Endotracheal Intubation Versus No Endotracheal Intubation During Cardiopulmonary Arrest in the Emergency Department

Link to article at PubMed

Cureus. 2021 Nov 20;13(11):e19760. doi: 10.7759/cureus.19760. eCollection 2021 Nov.


Background There is a lack of studies addressing the short and long-term outcomes of using different airway interventions in patients with cardiopulmonary arrest in the emergency department (ED). This retrospective chart review aimed to investigate the effect of endotracheal intubation (ETI) versus no ETI during cardiopulmonary arrest in the ED on return of spontaneous circulation (ROSC) and survival to discharge. Methodology A total of 168 charts were reviewed from August 2017 to April 2019. Resuscitation characteristics were obtained from Utstein-style-based cardiopulmonary arrest flow sheets. Results Unadjusted analysis showed no difference in ROSC (45.5% in ETI vs. 54.5% in no-ETI) (p = 0.08) and survival to hospital discharge at 28 days (26.7% in ETI vs. 73.3% in non-ETI) (p = 0.07) when comparing ETI versus non-ETI airway management methods during cardiopulmonary resuscitation (CPR). After adjusting for confounding factors, our regression analysis revealed that the use of ETI is associated with lower odds of ROSC (odds ratio [OR] = 3.40, 95% confidence interval [CI] = [0.14-0.84]) and survival to hospital discharge at 28 days (OR = 0.20, 95% CI = [0.04-0.84]). Conclusions ETI during CPR in the ED is associated with worse ROSC and survival to hospital discharge at 28 days.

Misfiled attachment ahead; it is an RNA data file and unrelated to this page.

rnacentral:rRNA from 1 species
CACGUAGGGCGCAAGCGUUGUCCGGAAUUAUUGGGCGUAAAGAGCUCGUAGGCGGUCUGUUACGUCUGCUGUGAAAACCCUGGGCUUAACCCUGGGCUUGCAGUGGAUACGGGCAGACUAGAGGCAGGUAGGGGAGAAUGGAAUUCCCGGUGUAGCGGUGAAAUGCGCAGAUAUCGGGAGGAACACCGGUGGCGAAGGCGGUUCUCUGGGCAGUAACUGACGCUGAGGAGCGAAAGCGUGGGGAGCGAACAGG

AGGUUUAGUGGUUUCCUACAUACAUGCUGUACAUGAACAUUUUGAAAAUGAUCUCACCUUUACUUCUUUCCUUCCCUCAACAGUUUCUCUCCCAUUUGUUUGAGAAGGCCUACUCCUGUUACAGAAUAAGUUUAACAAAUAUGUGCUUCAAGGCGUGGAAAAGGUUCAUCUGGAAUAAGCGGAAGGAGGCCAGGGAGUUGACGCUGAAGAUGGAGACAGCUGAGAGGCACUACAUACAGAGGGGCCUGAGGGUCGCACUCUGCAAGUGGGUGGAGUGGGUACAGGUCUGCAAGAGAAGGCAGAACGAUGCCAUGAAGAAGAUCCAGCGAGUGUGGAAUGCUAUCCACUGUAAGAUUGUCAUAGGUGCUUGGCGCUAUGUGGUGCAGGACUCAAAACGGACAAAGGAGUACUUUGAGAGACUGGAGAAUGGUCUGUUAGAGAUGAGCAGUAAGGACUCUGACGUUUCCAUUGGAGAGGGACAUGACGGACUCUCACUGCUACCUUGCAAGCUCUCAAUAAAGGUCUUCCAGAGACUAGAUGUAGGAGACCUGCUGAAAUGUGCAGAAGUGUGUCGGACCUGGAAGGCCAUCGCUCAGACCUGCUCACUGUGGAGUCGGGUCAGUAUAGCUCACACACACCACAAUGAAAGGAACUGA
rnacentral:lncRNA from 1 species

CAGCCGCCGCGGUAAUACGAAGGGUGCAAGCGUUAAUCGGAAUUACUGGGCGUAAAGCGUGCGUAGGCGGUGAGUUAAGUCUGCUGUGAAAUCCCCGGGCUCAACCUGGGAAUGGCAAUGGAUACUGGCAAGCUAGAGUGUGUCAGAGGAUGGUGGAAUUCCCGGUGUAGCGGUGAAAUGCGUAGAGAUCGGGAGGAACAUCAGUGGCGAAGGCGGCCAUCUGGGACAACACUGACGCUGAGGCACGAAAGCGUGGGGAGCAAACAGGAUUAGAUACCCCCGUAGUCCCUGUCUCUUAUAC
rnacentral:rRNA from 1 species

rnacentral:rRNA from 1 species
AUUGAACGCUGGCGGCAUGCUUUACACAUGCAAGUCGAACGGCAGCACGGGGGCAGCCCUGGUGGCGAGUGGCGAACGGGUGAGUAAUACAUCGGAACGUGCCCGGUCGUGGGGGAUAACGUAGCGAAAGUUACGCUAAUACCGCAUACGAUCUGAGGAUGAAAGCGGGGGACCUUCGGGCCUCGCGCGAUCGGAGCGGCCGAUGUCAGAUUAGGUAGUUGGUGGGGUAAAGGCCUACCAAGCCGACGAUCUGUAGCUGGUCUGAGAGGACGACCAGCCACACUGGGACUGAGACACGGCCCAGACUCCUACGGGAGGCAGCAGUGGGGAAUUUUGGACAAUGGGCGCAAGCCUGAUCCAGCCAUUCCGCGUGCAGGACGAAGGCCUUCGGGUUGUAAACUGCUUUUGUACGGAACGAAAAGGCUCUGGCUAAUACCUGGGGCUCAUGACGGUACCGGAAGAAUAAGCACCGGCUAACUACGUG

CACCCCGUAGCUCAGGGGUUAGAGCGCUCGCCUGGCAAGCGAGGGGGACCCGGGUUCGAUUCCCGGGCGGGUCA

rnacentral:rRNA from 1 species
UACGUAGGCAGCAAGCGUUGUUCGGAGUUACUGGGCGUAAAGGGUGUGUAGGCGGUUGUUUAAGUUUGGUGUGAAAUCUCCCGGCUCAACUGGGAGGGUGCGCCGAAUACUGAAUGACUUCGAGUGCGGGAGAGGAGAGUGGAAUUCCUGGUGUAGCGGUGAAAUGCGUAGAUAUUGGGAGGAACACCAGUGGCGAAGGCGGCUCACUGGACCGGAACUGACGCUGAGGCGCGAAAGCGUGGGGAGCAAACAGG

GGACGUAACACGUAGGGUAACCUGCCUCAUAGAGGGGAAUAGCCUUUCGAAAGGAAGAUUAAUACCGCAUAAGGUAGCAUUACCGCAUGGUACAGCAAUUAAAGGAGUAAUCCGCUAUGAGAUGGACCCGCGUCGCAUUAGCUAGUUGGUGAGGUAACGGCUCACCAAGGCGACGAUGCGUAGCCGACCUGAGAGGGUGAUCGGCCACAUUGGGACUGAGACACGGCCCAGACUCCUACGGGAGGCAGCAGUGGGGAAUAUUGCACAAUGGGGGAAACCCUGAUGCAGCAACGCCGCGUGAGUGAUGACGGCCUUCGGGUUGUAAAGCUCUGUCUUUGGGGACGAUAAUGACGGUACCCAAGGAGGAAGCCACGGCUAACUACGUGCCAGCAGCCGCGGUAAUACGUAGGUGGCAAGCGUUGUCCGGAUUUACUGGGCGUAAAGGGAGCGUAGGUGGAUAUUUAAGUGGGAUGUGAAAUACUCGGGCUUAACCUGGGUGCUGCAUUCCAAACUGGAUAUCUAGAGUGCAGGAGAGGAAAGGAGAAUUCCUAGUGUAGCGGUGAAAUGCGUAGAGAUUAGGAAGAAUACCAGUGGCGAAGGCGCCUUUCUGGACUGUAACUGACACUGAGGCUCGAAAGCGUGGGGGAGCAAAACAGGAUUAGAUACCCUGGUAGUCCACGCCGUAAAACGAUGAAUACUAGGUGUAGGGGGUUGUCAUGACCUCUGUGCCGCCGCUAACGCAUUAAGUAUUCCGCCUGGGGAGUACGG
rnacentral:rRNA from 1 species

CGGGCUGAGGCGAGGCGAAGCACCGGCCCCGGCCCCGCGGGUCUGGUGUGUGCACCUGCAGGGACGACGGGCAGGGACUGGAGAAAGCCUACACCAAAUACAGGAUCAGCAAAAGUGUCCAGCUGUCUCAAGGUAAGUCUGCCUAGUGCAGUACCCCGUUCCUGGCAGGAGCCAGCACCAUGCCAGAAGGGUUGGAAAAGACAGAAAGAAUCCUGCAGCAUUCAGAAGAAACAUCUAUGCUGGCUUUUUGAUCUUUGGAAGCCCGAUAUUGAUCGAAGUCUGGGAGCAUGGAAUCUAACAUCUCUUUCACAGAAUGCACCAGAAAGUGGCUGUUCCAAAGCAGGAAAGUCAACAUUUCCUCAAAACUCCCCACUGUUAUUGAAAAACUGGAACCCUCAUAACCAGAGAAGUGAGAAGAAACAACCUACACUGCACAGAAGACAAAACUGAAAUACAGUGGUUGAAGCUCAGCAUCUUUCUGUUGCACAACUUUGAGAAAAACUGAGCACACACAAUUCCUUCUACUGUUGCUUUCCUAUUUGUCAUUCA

PMID:34938635 | PMC:PMC8685837 | DOI:10.7759/cureus.19760

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